The 75-minue one-act, which I didn't see in its original outing, should more accurately be titled Kissinger/Nixon. Lees imagines a conversation in the White House's Lincoln Room (simply designed by Kyle Chepulis) between Nixon and then Secretary of State Henry Kissinger (brilliantly played by Steve Mellor, who also starred in the show's 1996 production) on the night before Nixon resigned the presidency in the wake of the Watergate scandal.
Not unexpectedly, Lees' take on Nixon is far from flattering, often emphasizing the man's petty, childish nature and his failure to grasp the enormity of his criminal behavior and the country's reaction to it. What's more surprising is that Kissinger gets the shorter end of the stick; he's drawn by Lees as a power-hungry hypocrite, more concerned with his own political future than anyone else's, even that of the United States.
As the two share multiple shots of brandy and a few happy reminiscences -- not to mention a high-pitched shouting match or two -- one becomes aware how these seemingly opposite personalities were, in fact, surprisingly well matched. On the surface, no two people would seem to be stranger bedfellows than the grocer's son from Whittier, California and the German refugee-turned-Harvard professor who changed the face of the world during their six years as a political team. (Kissinger was Nixon's National Security Advisor during the first term of his presidency.) As Lees paints them, however, both were in love with power to an obsessive, unhealthy degree. To his credit, Nixon does also show love for his family -- well, at least for his younger daughter, Julie.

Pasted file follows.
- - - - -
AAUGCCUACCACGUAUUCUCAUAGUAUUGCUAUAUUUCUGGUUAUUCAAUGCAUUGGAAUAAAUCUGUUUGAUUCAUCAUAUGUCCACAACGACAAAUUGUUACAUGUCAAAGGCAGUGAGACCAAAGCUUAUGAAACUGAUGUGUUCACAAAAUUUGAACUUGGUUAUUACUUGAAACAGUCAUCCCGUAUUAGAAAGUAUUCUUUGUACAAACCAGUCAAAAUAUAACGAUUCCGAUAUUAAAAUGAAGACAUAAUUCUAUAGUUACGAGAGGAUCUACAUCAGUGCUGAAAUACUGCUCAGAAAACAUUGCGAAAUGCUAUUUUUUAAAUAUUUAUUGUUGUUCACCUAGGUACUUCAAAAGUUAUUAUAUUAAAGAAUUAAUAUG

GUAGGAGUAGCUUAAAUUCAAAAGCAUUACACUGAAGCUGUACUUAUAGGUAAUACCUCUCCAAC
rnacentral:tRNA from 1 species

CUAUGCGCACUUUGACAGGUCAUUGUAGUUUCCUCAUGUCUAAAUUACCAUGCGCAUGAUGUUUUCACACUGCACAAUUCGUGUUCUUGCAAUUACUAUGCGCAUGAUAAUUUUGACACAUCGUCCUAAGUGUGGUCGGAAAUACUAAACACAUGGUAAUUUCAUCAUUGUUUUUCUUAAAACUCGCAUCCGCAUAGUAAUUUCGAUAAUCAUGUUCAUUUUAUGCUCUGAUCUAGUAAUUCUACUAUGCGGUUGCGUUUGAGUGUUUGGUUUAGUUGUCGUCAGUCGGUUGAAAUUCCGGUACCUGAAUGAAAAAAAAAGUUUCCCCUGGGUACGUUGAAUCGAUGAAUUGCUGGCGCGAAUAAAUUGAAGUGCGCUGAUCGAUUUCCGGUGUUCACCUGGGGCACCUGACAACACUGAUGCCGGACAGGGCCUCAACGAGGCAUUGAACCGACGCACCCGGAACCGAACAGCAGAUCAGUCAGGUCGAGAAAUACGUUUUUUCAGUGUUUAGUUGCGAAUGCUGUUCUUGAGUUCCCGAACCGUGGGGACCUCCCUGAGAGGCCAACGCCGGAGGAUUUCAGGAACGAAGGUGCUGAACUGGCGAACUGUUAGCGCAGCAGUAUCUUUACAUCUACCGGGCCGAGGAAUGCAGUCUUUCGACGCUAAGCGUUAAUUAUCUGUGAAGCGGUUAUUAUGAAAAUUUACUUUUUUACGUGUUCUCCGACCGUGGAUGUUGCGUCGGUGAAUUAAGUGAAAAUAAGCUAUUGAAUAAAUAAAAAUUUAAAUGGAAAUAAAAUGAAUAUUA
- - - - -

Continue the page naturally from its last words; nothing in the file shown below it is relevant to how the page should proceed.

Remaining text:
Most of the time, though, Lees' Nixon is preoccupied with how history will remember him. Meanwhile, Kissinger -- whose only goals during this meeting are to get Nixon to resign and to make sure the President tells his successor, Gerald Ford, to keep Kissinger on board -- shamelessly lies to him and says that their foreign policy accomplishments will overshadow Nixon's wrongdoing in the long run.
One of the most entertaining sequences of Nixon's Nixon comes when Bamman and Mellor re-enact Lees' version of Nixon's meetings with Chinese leader Mao Tse-Tung and Russian head honcho Leonid Brezhnev. These flashback episodes help break the occasional tedium, since the back-and-forth between Nixon and Kissinger can sometimes feel drawn out. Indeed, the lagging of pace at certain moments is the only major flaw in Jim Simpson's otherwise sterling direction.
Nixon's Nixon is a golden opportunity for two outstanding thespians to show their chops, and MCC deserves credit for not turning to major, box-office-igniting stars for this production. Instead, they've hired the best men for the job. Bamman, sporting a rather obvious wig, doesn't do a completely faithful imitation of Nixon's voice, but he otherwise has his mannerisms down pat. More importantly, he never seems to be commenting on the character, instead embodying him fully. Mellor's Kissinger is pitch-perfect right down to the voice. The actor is also fearless in embracing Lees' warts-and-more-warts depiction of a man who is still considered by many to be a national hero.
For those who are too young to remember Nixon's six years in office, the play provides a valuable history lesson, enumerating the triumphs (the opening of diplomatic relations with mainland China), the tragedies (the failure to end the Vietnam War sooner), and the more debatable aspects of his legacy (the assassination of Chilean president Salvador Allende). For those who lived through that time, it's a painful reminder of one of the darkest time in our nation's history. That we can laugh at it at all -- and we do laugh during Nixon's Nixon -- is a testament to power: the power of good theater.